Reviewed by Tamara Lowe
The Enlightenment of the Greengage Tree, written by Shokoofeh Azar who now calls Australia home, was shortlisted for the 2018 Stella Prize. We are delighted to include this review in our special edition.
The Enlightenment of the Greengage Tree is a deeply evocative novel written by Iranian born author, Shokoofeh Azar in the years following her acceptance to Australia as a political refugee. The book tells the story of an educated Iranian family who refuse to give up their intellectual freedom in the wake of Iran’s Cultural Revolution after 1979.
Magical realism is richly woven throughout the story. Palpable energy jumps off the pages as characters traverse the fantastical world of ancient Persian mysticism and mythology; an occult world inhabited by jinns, evil spirits, soothsayers, magic spells and mermaids. As the title suggests, there is something soulful and other-worldly about the characters’ exploration of the deep tension between accepting one’s pre-determined destiny and summoning unstoppable strength of will to evolve through the anguish of one’s life circumstances.
There are parallels here for those persecuted in their mother country, who, rather than face possible death refuse to succumb. Shokookfeh Azar’s personal journey and triumph as an immigrant in Australia is one such story of survival. Her career as an independent writer lead to her arrest three times in her homeland and the confiscation of her passport. Faced with no other choice, she sought out people smugglers and fled Iran. She endured a terrifying journey at sea and arrived on Christmas Island by boat in 2010. After being held in detention in Perth for six months, she was accepted by Australia as a political refugee.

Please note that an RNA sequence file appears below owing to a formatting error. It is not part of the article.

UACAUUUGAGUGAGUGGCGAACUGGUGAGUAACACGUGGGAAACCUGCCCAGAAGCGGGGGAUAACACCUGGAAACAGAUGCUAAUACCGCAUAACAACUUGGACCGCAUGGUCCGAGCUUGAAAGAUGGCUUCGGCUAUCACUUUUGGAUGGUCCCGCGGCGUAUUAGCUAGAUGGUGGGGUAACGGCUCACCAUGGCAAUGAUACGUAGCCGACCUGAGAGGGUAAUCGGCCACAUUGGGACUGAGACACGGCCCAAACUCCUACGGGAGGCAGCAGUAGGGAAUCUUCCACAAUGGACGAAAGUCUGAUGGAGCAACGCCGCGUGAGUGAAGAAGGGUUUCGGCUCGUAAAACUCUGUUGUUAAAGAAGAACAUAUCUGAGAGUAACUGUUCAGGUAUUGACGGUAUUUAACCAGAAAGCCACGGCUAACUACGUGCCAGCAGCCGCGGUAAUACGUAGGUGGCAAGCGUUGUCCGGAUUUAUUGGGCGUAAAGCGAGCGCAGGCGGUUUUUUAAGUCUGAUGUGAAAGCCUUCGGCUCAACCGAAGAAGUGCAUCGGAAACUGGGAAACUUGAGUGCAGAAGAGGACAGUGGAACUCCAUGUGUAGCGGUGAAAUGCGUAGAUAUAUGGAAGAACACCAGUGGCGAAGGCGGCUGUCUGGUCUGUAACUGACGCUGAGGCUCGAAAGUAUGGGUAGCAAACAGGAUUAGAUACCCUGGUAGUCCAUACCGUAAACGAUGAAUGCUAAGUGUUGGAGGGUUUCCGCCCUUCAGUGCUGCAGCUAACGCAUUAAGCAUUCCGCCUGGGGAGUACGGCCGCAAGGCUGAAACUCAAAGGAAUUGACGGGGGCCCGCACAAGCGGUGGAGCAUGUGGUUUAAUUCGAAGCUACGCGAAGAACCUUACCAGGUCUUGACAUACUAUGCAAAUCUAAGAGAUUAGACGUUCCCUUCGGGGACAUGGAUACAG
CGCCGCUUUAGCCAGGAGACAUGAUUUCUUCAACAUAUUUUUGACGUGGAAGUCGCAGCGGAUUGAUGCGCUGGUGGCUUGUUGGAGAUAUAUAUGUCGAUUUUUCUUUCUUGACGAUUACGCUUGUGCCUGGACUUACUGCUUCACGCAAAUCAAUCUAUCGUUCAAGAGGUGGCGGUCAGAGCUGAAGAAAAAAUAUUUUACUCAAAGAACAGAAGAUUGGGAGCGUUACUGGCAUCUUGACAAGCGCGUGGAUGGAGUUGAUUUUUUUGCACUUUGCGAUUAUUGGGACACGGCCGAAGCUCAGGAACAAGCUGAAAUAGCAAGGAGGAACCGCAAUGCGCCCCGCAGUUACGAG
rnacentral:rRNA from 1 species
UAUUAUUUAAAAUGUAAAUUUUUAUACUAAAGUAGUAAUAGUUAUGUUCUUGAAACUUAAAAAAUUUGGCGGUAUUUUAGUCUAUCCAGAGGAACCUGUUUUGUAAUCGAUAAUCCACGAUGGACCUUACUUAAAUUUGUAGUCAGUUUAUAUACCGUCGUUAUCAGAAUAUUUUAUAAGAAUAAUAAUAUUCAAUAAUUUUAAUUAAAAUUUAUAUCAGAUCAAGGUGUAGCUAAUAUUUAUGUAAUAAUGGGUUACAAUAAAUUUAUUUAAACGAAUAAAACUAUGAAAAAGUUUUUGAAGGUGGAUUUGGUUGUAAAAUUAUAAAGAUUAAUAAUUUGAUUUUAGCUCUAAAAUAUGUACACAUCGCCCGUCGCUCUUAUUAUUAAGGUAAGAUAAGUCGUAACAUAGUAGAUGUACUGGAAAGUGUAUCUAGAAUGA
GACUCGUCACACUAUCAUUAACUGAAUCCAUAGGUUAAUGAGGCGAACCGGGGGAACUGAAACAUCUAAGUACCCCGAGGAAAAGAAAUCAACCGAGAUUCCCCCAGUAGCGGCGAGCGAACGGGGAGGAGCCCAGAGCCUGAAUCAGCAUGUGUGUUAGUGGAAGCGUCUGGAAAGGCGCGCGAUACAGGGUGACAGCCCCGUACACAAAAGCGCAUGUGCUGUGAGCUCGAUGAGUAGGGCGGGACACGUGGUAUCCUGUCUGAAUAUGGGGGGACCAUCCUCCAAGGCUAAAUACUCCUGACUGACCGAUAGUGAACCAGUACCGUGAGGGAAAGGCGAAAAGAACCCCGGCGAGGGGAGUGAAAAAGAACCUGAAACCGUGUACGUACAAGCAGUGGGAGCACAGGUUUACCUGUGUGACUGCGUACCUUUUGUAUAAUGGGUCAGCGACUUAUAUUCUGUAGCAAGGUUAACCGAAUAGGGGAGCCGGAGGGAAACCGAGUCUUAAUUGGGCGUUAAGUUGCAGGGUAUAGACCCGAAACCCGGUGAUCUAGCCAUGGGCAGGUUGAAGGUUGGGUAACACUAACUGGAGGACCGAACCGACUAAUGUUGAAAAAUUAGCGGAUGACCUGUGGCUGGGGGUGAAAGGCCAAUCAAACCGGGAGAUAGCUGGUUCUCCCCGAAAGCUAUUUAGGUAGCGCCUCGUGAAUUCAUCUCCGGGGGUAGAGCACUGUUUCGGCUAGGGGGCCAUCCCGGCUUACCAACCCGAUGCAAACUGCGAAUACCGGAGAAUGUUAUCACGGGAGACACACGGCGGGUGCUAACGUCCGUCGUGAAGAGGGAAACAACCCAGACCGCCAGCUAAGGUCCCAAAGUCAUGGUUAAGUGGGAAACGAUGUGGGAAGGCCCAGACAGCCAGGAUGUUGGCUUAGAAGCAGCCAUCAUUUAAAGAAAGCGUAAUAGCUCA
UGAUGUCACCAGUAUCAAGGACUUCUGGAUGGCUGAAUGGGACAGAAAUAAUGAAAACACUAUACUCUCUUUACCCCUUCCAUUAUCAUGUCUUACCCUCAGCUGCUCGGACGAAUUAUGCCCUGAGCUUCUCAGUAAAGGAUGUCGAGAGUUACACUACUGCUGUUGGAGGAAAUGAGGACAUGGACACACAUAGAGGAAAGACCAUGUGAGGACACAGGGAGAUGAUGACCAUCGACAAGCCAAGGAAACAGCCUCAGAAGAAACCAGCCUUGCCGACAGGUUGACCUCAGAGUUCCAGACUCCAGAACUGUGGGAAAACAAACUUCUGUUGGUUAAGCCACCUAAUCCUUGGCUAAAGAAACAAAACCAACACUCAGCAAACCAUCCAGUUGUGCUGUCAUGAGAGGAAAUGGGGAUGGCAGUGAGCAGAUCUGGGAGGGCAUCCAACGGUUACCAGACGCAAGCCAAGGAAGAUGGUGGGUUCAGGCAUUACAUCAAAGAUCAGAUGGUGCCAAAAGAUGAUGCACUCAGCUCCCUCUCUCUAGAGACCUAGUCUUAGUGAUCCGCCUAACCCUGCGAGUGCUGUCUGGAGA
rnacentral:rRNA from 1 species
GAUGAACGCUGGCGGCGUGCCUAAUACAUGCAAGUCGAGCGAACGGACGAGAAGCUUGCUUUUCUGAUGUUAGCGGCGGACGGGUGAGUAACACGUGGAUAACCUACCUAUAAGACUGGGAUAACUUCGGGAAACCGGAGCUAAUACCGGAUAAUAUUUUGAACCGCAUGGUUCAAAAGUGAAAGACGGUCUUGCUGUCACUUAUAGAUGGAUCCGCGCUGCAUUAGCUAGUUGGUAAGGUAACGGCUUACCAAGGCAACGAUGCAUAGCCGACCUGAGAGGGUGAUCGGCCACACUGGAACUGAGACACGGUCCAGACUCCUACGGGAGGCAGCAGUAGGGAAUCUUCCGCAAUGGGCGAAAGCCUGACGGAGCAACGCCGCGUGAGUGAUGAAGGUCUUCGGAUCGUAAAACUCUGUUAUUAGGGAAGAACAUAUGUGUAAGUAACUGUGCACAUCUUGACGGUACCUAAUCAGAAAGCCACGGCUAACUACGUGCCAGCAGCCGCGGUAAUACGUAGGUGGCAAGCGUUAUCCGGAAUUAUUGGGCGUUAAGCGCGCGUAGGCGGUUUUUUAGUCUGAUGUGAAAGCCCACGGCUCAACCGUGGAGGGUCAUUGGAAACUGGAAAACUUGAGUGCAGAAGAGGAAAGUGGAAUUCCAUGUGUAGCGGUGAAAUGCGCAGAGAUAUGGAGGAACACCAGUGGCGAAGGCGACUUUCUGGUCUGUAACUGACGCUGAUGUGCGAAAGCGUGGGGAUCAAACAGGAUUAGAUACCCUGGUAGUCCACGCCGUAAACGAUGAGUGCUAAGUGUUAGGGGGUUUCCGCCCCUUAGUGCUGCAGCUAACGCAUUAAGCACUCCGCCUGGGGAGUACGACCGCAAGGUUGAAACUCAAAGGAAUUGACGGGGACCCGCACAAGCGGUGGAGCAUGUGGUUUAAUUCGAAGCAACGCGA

Azar grew up in the era she poignantly describes. She takes us to the heart of the horrific reality of the Ayatollah Khomeini’s revolutionary religious regime, where brutality collides with basic human instincts for survival and civil liberty. Descriptions of public executions, child soldiers and mass human graves confront the reader alongside beautiful illuminations of the forces at play within the natural world.
The book’s narrator is the thirteen year old ghost of the family’s youngest daughter, Bahar, who burned to death when crazed revolutionaries attacked the family home in Tehran. It reminded me of the narrative device used by Alice Sebold in The Lovely Bones. With child-like wisdom Bahar explains, “And so it was that family, near and far, gradually accepted me as an inexplicable, enigmatic being (p.54)”. The unbreakable connection between living and deceased loved ones is a theme repeated. The family leave Tehran for a small village at the edge of all they know hoping to cling to their intellectual freedom. But when her beloved son, Sohrab, is murdered by revolutionary guards, mother Roza is propelled into her three day enlightenment atop a greengage tree as she searches for meaning in a world inevitably denying freedom.
Azar delves deep into the mythological spirit realm and pre-Islamic Zoroastrian religion of ancient Persia, now modern day Iran. And the device of magical realism takes us in to breathtaking worlds of imagination and allegory. Where heartache is often too much to bear forcing characters to metamorphose into parallel realities. Without her own freedom this astonishing book may never have been written. It is a testament to Azar’s fierce talent and her warm heart.
The Enlightenment of the Greengage Tree was first published in Australia in 2017 by Wild Dingo Press. It was translated from Farsi to English by Adrien Kijek. This is the first Shokoofeh Azar novel to be translated into English.